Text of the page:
• Some buyers who required mortgages might have submitted offers when rates were much lower. However, by the time their offer was accepted, the higher rates could have disqualified them from affording the purchase price, leading to unattainable transactions and a decrease in pending sales.

Predictions for the Rest of the Year:

Graph showing South Florida Inventory of homes for sale on a monthly basis
S. FL monthly inventory

Many sellers are hesitant to list their properties due to the attractive low interest rates they secured during the Covid era, making it challenging for them to accept the current rates, which are around 7%.  We expect that rates will stay in this range for at least a few more months and inventory will continually be squeezed.

Lack of home sellers will absolutely continue, and we do expect that we will finish 2023 with the least amount of homes listed since data has been recorded. Only when faced with necessity or significant life changes do sellers feel compelled to put their homes on the market. Events such as divorces, expanding families, relocations, and downsizing have driven market activity, but even these factors have not been sufficient to meet the demand with an adequate number of homes. Many who originally planned on working from home forever had to make their way back into the office causing some buyers to pull out of the market.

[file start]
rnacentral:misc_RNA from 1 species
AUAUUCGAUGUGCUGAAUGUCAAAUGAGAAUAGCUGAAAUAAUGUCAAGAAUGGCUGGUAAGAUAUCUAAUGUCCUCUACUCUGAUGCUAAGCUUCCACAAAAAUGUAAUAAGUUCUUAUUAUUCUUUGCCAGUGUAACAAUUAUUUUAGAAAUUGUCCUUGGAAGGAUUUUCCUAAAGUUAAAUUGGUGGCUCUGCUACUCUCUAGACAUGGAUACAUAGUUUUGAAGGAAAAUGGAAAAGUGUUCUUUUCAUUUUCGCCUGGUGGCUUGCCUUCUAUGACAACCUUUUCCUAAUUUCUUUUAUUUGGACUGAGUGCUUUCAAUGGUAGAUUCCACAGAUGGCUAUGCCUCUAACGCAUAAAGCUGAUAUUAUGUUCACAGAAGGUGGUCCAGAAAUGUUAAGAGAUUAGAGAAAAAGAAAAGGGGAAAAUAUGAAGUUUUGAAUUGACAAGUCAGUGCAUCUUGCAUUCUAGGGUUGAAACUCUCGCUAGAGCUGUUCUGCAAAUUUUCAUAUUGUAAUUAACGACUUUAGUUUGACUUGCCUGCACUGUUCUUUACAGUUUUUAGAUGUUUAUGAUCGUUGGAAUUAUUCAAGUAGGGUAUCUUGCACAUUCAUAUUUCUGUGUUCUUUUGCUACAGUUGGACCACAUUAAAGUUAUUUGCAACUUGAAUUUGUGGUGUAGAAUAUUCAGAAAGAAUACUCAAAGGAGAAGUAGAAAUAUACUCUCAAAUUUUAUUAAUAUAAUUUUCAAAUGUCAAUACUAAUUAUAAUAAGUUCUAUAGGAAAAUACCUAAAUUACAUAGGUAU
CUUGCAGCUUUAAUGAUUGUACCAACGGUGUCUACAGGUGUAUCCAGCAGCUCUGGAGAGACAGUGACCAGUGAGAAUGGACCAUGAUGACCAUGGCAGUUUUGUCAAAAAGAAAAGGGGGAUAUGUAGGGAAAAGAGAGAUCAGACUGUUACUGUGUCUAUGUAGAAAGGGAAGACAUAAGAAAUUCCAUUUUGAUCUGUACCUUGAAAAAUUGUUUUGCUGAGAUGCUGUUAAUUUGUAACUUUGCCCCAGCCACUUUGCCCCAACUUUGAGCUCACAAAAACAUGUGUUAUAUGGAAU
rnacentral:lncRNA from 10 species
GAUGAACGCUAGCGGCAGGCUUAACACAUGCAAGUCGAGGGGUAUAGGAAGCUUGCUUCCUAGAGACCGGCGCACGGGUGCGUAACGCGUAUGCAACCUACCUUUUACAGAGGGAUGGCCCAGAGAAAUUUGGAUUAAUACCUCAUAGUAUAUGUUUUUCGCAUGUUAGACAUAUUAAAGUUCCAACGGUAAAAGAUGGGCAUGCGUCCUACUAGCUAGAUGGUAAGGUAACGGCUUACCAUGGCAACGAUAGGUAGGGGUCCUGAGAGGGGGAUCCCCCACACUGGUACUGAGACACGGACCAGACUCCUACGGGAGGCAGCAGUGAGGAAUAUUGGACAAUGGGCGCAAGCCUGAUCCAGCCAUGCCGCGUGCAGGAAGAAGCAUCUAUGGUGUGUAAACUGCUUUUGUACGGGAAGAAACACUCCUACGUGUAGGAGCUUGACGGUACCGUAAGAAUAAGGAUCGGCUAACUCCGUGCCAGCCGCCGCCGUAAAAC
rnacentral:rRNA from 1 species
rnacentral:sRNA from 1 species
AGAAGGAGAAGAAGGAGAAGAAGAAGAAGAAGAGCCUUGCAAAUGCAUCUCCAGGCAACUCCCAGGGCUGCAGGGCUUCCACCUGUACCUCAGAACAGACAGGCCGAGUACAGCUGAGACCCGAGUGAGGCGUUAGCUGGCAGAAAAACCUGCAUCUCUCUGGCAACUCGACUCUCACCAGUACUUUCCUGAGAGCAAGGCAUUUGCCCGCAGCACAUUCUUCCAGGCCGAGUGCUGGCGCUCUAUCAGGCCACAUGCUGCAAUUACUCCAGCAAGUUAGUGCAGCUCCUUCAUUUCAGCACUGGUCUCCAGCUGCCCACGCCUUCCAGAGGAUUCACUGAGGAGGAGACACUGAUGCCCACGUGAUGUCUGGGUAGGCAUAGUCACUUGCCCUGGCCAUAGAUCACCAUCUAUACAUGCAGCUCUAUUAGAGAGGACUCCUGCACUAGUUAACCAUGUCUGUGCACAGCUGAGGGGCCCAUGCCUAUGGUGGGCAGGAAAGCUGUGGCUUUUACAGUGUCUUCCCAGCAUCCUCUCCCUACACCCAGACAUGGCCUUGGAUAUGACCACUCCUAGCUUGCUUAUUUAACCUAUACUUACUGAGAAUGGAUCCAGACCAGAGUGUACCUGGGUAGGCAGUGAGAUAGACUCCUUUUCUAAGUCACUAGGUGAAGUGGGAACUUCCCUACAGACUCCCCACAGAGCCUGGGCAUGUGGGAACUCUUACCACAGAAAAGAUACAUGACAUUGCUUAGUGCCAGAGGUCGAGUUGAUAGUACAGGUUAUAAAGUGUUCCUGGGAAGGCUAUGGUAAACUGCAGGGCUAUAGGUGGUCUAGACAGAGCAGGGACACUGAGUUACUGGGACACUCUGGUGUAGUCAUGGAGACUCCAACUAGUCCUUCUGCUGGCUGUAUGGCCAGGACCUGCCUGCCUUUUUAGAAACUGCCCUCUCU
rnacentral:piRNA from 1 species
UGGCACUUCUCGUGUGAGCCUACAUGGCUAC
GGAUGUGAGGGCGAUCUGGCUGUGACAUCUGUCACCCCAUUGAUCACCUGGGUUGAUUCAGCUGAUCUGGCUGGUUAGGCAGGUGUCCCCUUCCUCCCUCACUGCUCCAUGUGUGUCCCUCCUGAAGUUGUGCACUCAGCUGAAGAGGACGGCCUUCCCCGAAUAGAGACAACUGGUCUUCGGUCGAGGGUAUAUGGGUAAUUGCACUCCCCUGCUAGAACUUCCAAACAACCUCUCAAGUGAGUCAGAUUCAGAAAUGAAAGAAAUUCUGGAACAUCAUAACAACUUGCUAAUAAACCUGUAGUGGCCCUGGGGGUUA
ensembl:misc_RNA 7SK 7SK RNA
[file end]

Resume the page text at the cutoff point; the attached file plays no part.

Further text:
Buyers who are actively searching for homes are determined to find the perfect match that fits their requirements and budget. However, due to increasing rates and some complex insurance and condo requirement circumstances, their affordability is now lower than last year. This underscores the importance of monitoring rates and maintaining up-to-date pre-approvals. If a drop in rates occurs, buyers are strongly encouraged to promptly update their pre-approvals to be ready to strike.

Given the current low inventory and stable prices, a housing price crash is not anticipated at all. Although interest rates have increased compared to the pandemic period, historically, their level is still relatively moderate. Many experts believe that rates around 5-6% will become the norm in the long run. In light of this perspective, sellers should not delay selling and moving into a new home, as waiting for significantly lower rates might lead to missed opportunities for finding the perfect home. On the other hand, if rates do decrease while prices remain steady, refinancing could be an excellent opportunity for homeowners to secure a lower interest rate if possible.

Data provided by SunStats then compared to the prior year.